Monta Ellis's 1st shot of the night connected for long 2 (more or less the the same shot that would have meant victory vs. Portland). It was not a fluke. In the season opener, he torched the Rockets for 46. His 44 this time was every bit as impressive. If the Warriors hosted Houston 82 times a year, there would be no doubt that Monta Ellis would find his way into the All-Star game. Before the game, Barnett claimed Monta had become a "legitimate 3 point shooter". And while the 35.5% (almost exactly the league average from a year ago) is still rather pedestrian, this time the comment served as more of a premonition of what would happen than an accurate representation of what had happened. It was one of those nights where he would not miss.
If only his teammates could duplicate their performance from a month and a half ago.
But alas, this was not the norm. Far fewer Warriors showed up tonight.
Certainly David Lee's 19 points on 8 of 11 shooting was far closer to the player we thought we were acquiring in the off season than the player who has been underwhelming so far. Lee's first couple of 'jumpers' looked flat. Not Andris Biedrins FT flat, but the sort of flat line drive that misses more often than not. His first pair of launches did not have Barnett-like prescience. He settled down, taking and making the high percentage shots. But this was not enough. It's a 5 on 5 game.
In fairness, this is not the same team we saw on opening night. Where on opening night the Warriors secured the lion's share of available rebounds, tonight, this was far from the case. Where on opening night the epic game by Monta made a superb performance by Stephen Curry, tonight the Warriors' back court was a one man show. Fitz once commented that the team should "get it to Monta Ellis every time down" while others continued to shoot and miss. Barnett disputed what is usually a flawed strategy, one designed to allow the defense to ignore 4 players. But on a night like this, it hardly seemed like there was much to be gained by allowing Williams, Dorell Wright, Lin, Carney and Law to lay more bricks. This team isn't filled with defensive stoppers. It's a five on five game, and most of the time, at least 3 Warriors were simply not playing well enough to win.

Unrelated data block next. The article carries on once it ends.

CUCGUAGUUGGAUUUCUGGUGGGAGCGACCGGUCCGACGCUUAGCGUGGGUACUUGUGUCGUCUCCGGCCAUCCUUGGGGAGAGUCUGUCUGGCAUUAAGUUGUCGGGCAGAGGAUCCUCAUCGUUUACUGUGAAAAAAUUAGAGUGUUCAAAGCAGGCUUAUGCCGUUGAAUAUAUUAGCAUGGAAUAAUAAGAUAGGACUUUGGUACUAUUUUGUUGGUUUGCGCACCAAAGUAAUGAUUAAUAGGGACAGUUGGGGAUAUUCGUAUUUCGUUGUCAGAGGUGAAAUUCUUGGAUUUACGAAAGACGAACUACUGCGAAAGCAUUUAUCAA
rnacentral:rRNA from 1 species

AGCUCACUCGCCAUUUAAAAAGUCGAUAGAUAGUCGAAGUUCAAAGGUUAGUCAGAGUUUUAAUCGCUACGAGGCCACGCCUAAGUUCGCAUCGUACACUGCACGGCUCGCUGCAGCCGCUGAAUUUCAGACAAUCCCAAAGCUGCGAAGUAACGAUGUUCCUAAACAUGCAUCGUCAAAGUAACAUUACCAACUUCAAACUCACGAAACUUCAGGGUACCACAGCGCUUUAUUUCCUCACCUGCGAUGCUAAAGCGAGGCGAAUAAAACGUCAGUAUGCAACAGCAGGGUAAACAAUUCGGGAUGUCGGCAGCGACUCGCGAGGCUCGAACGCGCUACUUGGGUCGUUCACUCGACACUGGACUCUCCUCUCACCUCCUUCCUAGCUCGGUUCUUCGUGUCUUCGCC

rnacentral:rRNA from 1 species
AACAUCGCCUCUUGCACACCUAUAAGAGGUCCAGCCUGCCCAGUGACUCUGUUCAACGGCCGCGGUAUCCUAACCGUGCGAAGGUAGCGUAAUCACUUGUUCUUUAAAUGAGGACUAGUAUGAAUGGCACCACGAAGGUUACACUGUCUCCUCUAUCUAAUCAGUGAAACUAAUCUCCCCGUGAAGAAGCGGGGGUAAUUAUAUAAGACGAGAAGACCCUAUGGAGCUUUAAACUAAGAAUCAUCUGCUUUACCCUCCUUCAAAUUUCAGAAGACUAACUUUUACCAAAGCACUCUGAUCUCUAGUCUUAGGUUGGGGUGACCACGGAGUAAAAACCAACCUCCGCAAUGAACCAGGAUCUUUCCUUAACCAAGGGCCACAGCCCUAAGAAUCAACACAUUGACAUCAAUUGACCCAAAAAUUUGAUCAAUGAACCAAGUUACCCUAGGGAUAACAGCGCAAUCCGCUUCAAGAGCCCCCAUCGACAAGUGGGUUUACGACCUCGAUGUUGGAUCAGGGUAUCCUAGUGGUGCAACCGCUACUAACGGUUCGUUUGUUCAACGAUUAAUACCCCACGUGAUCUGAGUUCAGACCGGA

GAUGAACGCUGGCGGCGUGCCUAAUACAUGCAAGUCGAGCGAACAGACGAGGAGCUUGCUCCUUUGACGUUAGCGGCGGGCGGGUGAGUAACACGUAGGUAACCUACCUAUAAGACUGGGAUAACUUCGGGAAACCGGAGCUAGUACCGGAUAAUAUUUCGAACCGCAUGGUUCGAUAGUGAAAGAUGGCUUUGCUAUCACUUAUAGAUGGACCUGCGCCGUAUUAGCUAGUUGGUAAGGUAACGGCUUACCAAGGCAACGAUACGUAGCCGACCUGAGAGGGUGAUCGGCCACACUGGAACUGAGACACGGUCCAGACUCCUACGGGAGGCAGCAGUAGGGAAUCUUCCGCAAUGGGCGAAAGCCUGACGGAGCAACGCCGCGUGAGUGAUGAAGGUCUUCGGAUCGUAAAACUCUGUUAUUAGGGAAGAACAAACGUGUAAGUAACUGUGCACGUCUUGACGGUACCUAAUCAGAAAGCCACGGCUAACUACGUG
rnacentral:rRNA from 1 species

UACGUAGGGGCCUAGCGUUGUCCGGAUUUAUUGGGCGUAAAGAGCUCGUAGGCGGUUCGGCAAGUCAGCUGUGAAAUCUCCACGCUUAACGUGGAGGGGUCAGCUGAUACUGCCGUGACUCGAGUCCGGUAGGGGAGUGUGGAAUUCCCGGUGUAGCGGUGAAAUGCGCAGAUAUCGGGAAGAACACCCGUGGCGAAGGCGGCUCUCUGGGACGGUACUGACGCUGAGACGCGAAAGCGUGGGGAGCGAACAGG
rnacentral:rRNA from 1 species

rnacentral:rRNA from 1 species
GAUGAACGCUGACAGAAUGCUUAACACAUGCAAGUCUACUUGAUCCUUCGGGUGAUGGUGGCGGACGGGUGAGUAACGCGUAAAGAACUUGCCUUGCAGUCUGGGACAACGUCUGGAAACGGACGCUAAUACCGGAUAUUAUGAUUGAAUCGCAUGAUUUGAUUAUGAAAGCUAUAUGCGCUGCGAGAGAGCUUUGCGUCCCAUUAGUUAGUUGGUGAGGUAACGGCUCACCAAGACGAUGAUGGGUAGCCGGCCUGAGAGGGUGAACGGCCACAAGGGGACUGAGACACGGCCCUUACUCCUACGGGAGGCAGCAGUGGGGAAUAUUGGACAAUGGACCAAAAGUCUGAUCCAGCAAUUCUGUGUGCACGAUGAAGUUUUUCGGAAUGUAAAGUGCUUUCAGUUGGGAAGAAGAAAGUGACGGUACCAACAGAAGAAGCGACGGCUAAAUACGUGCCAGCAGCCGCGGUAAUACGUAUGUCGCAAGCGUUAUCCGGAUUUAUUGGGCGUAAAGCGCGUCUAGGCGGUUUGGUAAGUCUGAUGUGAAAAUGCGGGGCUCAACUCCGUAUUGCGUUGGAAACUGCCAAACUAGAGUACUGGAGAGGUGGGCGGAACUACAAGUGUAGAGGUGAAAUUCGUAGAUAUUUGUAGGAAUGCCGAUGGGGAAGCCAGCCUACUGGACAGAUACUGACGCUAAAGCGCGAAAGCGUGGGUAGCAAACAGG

Andris Biedrins' rebounding skills were missed. The Rockets owned the boards, making most Warrior misses turn into lost possessions while seeming to secure almost every miss of their own for a second look at the basket. Ekpe Udoh and Louis Amundson, both unavailable in the opener, have since returned and made up for Andris' absence on the glass. But almost falls short. The Warriors front court rotation of Lee, Amundson, Udoh and Radmanovic managed 25 rebounds in 85 minutes was four shy of the 29 that the Rockets bigs managed in more or less equal minutes, while the Warriors wings fell 6 short of their counterparts. The shared culpability for missing loose balls made it an uphill battle for a team that, as has been noted many times before, is not filled with defensive stoppers.
Perhaps some of that will change. If there was a bright side other than Monta and Lee, Udoh showed some of the defensive skills he was reported to have when drafted. His three blocks were the result of the superior timing that indicates that it should be a strength of his game. Especially encouraging was the first of the trio, a 'weak hand' rejection that was only possible due to solid balance and control of his body to make contact after the shot was released without being called for contact.
But one player off the bench is not going to turn this around. Until Curry and Biedrins return, this team will need unbelievable nights by Monta to stay in it. And even then it may not be enough.